After a woman has her eggs retrieved, there are typically two options when it comes to the timing of a transfer. The first is a “fresh” transfer, whereby the best embryo(s) are transferred into the uterus only three to five days after the retrieval. Any remaining embryos are frozen for a future transfer, if needed.
Alternatively, all the embryos could be frozen immediately, including the best embryos, to be thawed for a transfer at a later date.
In many cases it will be clear before the cycle even starts that some women will need to do a frozen transfer (for example women who have PCOS or those who want to do PGS testing). But in other cases that will only be revealed right before the retrieval (like when a women has high progesterone at the time of retrieval).
Below we summarizes the trade-offs for both approaches.
As you may recall from other lessons and chapters, nearly all IVF cycles involve stimulating the ovaries to retrieve a high number of eggs. A result of creating so many eggs is that estrogen and progesterone levels can rise 10 times higher than their normal peak levels. The uterus takes note of such a rise and hurries to prepare itself to receive an embryo. Therein lies a problem. That’s because the uterus is only “receptive” to an embryo implanting for a short time, and when it rushes to prepare itself in reaction to the hormonal surge, this “window of receptivity” can be moved earlier.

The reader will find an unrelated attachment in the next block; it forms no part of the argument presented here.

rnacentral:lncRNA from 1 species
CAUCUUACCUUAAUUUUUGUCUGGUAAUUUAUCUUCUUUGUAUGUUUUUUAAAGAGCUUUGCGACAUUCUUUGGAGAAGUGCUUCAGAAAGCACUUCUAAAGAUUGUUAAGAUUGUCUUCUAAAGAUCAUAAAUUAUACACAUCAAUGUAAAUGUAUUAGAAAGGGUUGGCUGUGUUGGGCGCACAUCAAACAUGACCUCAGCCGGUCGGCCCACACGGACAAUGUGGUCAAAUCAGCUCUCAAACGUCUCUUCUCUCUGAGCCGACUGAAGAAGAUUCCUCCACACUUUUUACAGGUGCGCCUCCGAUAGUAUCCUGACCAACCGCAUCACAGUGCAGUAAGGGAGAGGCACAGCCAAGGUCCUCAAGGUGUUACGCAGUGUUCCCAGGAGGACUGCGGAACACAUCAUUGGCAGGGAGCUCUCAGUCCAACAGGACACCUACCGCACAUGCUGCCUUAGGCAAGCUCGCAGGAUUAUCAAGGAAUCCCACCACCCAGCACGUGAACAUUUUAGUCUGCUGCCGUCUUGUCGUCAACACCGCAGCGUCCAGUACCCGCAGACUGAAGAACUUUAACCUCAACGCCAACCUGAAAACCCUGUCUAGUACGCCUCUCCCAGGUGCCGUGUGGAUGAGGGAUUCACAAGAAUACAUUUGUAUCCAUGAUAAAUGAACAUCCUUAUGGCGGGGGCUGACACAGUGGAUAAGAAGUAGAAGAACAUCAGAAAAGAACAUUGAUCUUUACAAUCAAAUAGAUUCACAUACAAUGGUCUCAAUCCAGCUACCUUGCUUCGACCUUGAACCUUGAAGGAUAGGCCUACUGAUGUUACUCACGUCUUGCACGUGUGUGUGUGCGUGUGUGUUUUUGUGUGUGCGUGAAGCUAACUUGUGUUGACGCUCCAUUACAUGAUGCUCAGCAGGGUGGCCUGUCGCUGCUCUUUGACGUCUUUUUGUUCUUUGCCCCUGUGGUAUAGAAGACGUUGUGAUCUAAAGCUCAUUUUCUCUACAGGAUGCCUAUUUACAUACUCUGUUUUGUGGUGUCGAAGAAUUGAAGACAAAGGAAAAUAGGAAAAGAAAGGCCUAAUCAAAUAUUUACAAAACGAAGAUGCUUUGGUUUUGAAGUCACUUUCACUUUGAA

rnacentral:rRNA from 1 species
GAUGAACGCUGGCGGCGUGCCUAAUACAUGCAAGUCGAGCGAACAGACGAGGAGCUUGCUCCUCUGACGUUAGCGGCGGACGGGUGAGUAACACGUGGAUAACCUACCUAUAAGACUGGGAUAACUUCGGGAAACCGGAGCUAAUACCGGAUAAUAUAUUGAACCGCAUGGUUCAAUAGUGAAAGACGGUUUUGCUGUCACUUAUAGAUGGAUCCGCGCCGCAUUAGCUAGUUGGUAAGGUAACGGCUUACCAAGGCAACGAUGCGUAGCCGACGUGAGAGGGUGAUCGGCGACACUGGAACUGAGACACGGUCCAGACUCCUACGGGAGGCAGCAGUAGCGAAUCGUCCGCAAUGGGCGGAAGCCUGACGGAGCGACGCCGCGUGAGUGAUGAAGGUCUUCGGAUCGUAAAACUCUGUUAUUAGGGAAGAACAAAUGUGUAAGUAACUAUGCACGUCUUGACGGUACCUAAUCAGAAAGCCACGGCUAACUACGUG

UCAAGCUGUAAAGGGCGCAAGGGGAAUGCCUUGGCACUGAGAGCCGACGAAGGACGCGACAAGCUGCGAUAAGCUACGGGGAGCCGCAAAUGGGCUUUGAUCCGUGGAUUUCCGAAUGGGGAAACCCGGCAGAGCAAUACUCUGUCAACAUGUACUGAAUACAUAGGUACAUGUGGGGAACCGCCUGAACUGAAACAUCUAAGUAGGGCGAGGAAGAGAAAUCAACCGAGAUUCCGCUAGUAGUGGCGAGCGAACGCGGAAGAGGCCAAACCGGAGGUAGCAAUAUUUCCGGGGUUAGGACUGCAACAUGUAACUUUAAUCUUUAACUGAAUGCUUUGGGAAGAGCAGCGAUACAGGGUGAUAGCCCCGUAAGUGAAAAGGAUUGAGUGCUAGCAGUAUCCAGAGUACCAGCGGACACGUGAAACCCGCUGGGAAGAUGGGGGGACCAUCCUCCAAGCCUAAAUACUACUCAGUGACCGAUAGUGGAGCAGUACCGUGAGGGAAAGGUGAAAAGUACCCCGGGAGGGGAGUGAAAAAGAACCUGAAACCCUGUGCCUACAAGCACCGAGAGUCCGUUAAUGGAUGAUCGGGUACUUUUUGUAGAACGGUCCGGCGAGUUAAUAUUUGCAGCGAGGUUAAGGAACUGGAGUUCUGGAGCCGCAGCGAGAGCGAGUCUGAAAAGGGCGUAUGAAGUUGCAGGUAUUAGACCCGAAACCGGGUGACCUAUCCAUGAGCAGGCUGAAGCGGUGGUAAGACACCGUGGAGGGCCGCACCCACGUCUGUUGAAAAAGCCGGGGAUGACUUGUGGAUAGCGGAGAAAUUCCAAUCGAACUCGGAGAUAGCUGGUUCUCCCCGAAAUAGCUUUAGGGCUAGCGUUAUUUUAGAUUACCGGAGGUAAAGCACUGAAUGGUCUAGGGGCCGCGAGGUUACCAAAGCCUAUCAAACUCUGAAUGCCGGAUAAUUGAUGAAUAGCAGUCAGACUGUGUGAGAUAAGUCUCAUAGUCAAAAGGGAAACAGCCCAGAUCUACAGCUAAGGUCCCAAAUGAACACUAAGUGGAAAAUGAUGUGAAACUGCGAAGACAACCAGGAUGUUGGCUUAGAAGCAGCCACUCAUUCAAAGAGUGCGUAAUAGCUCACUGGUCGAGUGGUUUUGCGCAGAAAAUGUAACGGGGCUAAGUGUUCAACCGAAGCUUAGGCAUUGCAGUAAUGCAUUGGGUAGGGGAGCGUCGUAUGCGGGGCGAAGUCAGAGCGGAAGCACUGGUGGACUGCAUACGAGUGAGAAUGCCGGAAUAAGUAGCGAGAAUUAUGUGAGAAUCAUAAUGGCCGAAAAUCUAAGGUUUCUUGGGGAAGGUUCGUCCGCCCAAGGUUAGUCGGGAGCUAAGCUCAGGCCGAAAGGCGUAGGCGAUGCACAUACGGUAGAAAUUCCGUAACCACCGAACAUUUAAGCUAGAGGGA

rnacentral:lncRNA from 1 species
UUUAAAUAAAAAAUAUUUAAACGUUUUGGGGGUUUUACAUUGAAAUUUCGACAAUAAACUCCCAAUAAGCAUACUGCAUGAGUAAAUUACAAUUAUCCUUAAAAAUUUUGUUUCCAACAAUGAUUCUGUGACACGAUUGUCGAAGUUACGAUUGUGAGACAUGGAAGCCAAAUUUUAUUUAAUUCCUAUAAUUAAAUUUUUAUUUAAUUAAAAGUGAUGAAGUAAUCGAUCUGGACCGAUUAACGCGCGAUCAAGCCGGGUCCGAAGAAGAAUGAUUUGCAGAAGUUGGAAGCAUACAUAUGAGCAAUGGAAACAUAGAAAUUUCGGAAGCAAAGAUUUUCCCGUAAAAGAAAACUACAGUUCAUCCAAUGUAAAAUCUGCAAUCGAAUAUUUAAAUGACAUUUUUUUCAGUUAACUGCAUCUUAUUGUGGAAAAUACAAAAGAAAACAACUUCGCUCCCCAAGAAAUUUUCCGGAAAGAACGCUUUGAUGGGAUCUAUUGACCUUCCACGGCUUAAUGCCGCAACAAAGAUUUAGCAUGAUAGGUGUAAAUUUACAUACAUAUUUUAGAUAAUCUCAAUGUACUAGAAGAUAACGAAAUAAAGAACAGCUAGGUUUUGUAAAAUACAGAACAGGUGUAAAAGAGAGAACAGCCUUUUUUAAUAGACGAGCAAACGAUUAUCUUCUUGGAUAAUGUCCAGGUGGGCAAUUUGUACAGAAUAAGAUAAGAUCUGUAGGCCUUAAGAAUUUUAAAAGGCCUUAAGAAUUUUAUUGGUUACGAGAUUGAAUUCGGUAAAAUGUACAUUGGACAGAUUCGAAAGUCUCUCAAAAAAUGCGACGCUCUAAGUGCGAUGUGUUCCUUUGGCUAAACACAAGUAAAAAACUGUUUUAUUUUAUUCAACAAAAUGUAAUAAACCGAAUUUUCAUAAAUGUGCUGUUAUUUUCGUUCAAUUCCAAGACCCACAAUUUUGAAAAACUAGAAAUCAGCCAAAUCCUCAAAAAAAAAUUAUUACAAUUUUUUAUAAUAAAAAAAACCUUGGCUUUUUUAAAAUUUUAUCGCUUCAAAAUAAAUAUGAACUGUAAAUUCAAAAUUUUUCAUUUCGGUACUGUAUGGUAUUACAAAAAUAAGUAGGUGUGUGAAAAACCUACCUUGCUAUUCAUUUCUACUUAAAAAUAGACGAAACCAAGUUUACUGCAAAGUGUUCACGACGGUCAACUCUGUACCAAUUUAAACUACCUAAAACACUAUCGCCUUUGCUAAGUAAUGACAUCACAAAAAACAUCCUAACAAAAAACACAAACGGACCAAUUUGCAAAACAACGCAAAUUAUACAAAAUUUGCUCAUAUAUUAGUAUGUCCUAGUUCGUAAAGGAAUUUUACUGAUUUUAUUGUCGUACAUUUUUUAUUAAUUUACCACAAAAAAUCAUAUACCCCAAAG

As a result, in a fresh cycle, by the time an embryo is mature and ready for transfer, the uterus is less likely to be “receptive” and the odds the embryo implants are lower. Conversely, in a frozen cycle, the doctors wait for a woman’s hormonal balance to restore and can transfer the embryo on a later date, at a moment when her uterus is most receptive.